3805 Myrtle Avenue

Myrtle Avenue

MYRTLE AVENUE is in East Camden and is actually a continuation of Fremont Avenue, beginning at South 38th Street and continuing east to the city limits at Crescent Boulevard, then carries on into Merchantville, where it ends on Maple Avenue, itself an extension of Camden’s Federal Street. Originally part of Stockton Township, which split into the Borough of Merchantville and the Town of Stockton, Myrtle Avenue appears in the Merchantville section of the 1883 Camden City Directory, then reappears in Camden City Directories beginning in 1896.

38th Street

THIRTY-EIGHTH STREET runs south from Jersey Avenue to Camden Avenue in East Camden, crossing Westfield Avenue and High Street., then picks up again for one block between Federal Street and Fremont Street.

Stock photo of a bar

Bert’s Cafe

From the 1950s through the early 1970s the bar at 1226 Broadway was known as Bert’s Cafe. It had formerly been known as Buradine’s, and the proprietor at that time was Michael Burgo. By 1959 the bar had changed hands, Bert Bottura being the proprietor, and, appropriately enough was called Bert’s Cafe.

The Clock above Camden's 1876 City Hall. This building was in use until the present City Hall was finished in late 1930.

The Clocks Atop City Hall

The first clock appeared above City Hall in 1876. Camden’s new City Hall opened early that year, although the clock was not yet in place. The first town clock in the tower of the City Hall was placed in position in May of 1876. It cost $3,575, and rang out the hours for the first time on May 26, 1876.

Third National Bank Envelope Return Address Imprint - 1960s

Third National Bank

One of the last banks to be organized in Camden, Third National Bank was organized in January of 1928. The new bank survived the depression, and remained in business as the Third National Bank & Trust Company until the 1970s, when it was merged into the United Jersey Bank. Unlike the other Camden banks that survived the Depression, Third National remained primarily a Camden institution.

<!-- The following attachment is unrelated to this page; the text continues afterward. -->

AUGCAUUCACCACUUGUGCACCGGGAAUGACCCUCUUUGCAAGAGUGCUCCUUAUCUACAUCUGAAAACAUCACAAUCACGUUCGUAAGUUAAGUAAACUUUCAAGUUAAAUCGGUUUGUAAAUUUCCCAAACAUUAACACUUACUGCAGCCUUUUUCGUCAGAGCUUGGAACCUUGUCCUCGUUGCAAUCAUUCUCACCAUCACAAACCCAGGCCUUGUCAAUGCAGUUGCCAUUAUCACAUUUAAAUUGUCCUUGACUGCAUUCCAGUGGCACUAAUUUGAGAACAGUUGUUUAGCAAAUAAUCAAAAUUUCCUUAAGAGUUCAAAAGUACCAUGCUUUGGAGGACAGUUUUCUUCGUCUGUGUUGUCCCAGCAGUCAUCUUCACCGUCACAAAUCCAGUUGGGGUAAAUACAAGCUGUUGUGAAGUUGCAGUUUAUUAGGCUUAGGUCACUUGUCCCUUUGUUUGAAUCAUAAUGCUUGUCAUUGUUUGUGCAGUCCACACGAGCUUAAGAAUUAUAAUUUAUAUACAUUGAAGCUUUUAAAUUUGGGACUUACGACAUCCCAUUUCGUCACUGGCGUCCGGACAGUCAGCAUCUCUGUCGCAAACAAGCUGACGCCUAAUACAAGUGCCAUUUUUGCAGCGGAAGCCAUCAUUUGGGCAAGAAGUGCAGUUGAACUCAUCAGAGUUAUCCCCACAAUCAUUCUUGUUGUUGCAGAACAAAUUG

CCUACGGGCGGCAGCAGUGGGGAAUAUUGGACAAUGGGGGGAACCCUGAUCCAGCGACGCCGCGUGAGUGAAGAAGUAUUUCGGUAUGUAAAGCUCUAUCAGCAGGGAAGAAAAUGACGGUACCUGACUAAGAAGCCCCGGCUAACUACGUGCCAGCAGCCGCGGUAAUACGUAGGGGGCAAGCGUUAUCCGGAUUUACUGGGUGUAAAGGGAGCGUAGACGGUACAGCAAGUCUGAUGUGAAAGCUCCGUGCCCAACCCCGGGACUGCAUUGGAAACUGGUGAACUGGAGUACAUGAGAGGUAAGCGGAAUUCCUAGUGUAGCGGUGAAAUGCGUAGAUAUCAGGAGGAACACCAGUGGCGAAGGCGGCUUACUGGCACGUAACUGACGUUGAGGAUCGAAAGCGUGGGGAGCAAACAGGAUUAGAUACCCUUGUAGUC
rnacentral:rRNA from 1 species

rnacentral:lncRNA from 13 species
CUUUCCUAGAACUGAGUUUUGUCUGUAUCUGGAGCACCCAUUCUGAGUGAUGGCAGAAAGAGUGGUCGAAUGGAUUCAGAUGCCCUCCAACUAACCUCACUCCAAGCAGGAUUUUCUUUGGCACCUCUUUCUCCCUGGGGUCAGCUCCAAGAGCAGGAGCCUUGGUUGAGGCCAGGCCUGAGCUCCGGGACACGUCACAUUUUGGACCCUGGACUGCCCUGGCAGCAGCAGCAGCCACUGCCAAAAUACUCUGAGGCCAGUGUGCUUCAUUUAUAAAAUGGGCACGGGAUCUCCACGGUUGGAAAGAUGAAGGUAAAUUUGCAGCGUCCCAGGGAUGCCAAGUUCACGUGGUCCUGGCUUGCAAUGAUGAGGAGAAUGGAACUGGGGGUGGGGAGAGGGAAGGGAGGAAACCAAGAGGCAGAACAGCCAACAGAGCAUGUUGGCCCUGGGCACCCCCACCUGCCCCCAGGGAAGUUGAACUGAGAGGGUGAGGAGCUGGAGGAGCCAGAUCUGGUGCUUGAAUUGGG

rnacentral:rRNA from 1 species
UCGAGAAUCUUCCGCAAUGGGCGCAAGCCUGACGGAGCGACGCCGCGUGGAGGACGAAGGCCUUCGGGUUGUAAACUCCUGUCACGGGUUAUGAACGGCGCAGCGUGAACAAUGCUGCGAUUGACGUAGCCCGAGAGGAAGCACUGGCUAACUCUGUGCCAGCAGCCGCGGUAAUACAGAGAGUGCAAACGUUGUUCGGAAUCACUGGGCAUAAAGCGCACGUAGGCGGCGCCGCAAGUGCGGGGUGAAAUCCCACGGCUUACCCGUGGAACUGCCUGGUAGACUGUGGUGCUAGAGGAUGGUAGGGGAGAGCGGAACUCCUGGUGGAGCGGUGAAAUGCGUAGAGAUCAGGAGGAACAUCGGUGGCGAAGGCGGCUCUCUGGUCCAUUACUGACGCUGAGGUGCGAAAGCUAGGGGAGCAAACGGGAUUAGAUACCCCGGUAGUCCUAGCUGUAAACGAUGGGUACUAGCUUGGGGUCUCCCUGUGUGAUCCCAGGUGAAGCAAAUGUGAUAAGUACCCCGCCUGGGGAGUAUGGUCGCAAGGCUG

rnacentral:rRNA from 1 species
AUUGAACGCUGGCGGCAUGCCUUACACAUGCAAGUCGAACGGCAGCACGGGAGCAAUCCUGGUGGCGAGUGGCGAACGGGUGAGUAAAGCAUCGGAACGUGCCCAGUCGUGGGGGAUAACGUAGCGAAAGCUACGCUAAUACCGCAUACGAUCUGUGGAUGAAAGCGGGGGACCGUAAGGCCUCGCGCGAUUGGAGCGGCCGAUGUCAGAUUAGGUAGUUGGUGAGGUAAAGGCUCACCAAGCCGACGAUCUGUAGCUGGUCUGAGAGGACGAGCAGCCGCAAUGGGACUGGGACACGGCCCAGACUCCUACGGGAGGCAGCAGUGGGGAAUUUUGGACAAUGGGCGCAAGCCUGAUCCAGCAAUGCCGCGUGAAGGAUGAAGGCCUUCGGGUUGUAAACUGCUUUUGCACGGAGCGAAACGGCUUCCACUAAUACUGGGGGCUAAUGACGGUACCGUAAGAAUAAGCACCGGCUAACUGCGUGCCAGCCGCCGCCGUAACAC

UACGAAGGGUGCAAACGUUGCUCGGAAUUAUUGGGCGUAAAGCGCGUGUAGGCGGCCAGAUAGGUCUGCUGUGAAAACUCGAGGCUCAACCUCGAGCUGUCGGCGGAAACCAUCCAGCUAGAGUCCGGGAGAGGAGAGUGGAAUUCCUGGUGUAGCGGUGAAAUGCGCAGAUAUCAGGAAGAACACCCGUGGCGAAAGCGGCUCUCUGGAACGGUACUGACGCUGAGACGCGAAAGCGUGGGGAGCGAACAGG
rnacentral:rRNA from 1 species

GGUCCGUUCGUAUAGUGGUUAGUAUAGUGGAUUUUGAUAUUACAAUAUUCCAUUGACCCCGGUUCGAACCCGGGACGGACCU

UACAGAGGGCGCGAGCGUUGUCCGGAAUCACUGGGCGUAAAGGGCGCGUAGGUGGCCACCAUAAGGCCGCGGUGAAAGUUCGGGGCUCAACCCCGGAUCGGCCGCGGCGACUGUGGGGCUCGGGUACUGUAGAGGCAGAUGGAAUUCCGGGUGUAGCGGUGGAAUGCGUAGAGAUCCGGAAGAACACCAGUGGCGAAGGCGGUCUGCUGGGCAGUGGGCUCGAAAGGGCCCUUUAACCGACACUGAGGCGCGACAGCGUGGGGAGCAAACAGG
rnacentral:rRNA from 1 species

Samuel M. Subers

SAMUEL SUBERS was appointed to the Camden Fire Department at some point not long after November 12, 1874 as a replacement for Alfred S. Ivins as an extra man with Engine Company 1. He served until April of 1876, when incoming Chief of the department Claudius Bradshaw made wholesale personnel changes within the department. He was reappointed in April 8, 1878 and served until April 5, 1882, again as an extra man with Engine Company 1.

Machine Gun Lead Protects Bank Gold

Camden Trust

The Camden Trust traces its origin back to July 1, 1873, when the The Camden Insurance, Safe Deposit & Trust Company, first opened for business, at 224 Federal Street. Over a period of seventy-five years, the bank merged with other local banks such as the Security Trust Company, Central Trust Company, East End Trust Company, and American National Bank Bank. The bank relocated, and underwent name changes prior to achieving it’s “modern” format in 1938. At that point the institution was the largest bank in South Jersey.

Krystal Lounge bas, as seen from the rear Jerry and Jackie the Dancing Barmaid on duty

Krystal Lounge

789 Chestnut Street apparently was a bar before Prohibition. In 1887 and 1888 Philip Barr is listed in the Camden City Directory as operating a saloon at this address. The 1908 directory shows a John A. Gorman, and the 1918-1919 directory reveals that Walter D. Leonard was the proprietor at that time.

Three-O-Three Bar

303 Kaighn Avenue The bar at 303 Kaighn Avenue was in operation as early as June of 1939, when Lauraine…

6th Street Lounge, 109 N. 6th Street, Camden, NJ

6th Street Lounge

Charles F. Sattler had a liquor license for 109 North 6th Street as early as 1938. Shortly after he renewed his license in June of 1939, the bar appears to have changed hands. The 1940 Camden City Directory shows the bar as being called The Tavern, and that the proprietors were Taggart and Davis.

Four Point Cafe, Inc.

The Four Point Bar first appears in Camden’s City Directories in 1947. The directory shows that Joseph P. Toner and Rosetta T. Jackson were involved in the ownership and/or management of the bar. Rosetta T. Jackson was the widow of James Jackson.